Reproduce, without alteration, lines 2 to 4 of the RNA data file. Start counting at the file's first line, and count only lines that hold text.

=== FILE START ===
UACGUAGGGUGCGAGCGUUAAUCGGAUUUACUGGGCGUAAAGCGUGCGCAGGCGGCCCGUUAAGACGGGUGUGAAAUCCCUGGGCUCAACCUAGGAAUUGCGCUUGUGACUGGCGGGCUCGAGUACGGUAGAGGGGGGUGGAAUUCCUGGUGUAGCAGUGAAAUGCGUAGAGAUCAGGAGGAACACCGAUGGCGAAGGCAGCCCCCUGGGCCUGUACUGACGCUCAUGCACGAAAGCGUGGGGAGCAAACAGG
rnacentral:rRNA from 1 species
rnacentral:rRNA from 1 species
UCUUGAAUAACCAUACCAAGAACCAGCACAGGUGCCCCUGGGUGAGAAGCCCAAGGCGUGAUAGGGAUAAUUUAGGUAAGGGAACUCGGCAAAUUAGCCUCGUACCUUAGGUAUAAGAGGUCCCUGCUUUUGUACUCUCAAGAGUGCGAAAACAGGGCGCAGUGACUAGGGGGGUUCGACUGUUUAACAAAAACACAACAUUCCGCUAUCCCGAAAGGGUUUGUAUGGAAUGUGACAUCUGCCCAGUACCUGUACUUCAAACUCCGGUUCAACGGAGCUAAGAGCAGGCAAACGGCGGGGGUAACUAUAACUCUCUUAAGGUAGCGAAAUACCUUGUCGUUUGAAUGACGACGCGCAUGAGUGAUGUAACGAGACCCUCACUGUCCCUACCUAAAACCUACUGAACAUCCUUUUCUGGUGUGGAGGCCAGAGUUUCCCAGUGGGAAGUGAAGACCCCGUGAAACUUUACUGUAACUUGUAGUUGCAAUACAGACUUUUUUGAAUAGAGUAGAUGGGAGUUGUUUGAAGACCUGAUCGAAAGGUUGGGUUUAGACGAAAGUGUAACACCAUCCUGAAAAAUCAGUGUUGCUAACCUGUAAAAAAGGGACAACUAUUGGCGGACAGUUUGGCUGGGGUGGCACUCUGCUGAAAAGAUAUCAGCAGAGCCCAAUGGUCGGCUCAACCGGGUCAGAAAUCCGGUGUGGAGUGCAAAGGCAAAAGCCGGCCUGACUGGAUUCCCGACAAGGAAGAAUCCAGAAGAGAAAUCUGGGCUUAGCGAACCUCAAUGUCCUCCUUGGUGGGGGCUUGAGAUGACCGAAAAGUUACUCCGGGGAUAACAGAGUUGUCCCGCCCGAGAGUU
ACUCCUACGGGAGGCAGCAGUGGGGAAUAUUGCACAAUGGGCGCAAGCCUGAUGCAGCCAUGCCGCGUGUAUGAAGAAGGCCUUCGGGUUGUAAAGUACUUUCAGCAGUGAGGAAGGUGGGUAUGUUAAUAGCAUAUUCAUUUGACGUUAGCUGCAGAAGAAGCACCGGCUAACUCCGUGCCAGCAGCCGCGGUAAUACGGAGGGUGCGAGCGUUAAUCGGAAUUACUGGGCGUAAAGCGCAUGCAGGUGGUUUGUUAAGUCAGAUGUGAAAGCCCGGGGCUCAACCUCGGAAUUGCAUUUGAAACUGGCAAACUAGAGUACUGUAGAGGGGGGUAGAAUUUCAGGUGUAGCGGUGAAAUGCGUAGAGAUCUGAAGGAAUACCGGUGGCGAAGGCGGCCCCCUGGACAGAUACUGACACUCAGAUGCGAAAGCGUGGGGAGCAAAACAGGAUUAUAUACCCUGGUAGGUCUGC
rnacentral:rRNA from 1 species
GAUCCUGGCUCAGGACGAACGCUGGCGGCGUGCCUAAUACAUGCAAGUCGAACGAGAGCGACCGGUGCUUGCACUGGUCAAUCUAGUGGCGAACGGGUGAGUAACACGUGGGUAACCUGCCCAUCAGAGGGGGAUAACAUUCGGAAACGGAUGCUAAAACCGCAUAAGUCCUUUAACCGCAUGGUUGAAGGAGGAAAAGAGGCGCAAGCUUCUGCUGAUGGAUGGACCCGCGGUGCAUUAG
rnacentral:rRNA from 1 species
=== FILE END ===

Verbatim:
rnacentral:rRNA from 1 species
rnacentral:rRNA from 1 species
UCUUGAAUAACCAUACCAAGAACCAGCACAGGUGCCCCUGGGUGAGAAGCCCAAGGCGUGAUAGGGAUAAUUUAGGUAAGGGAACUCGGCAAAUUAGCCUCGUACCUUAGGUAUAAGAGGUCCCUGCUUUUGUACUCUCAAGAGUGCGAAAACAGGGCGCAGUGACUAGGGGGGUUCGACUGUUUAACAAAAACACAACAUUCCGCUAUCCCGAAAGGGUUUGUAUGGAAUGUGACAUCUGCCCAGUACCUGUACUUCAAACUCCGGUUCAACGGAGCUAAGAGCAGGCAAACGGCGGGGGUAACUAUAACUCUCUUAAGGUAGCGAAAUACCUUGUCGUUUGAAUGACGACGCGCAUGAGUGAUGUAACGAGACCCUCACUGUCCCUACCUAAAACCUACUGAACAUCCUUUUCUGGUGUGGAGGCCAGAGUUUCCCAGUGGGAAGUGAAGACCCCGUGAAACUUUACUGUAACUUGUAGUUGCAAUACAGACUUUUUUGAAUAGAGUAGAUGGGAGUUGUUUGAAGACCUGAUCGAAAGGUUGGGUUUAGACGAAAGUGUAACACCAUCCUGAAAAAUCAGUGUUGCUAACCUGUAAAAAAGGGACAACUAUUGGCGGACAGUUUGGCUGGGGUGGCACUCUGCUGAAAAGAUAUCAGCAGAGCCCAAUGGUCGGCUCAACCGGGUCAGAAAUCCGGUGUGGAGUGCAAAGGCAAAAGCCGGCCUGACUGGAUUCCCGACAAGGAAGAAUCCAGAAGAGAAAUCUGGGCUUAGCGAACCUCAAUGUCCUCCUUGGUGGGGGCUUGAGAUGACCGAAAAGUUACUCCGGGGAUAACAGAGUUGUCCCGCCCGAGAGUU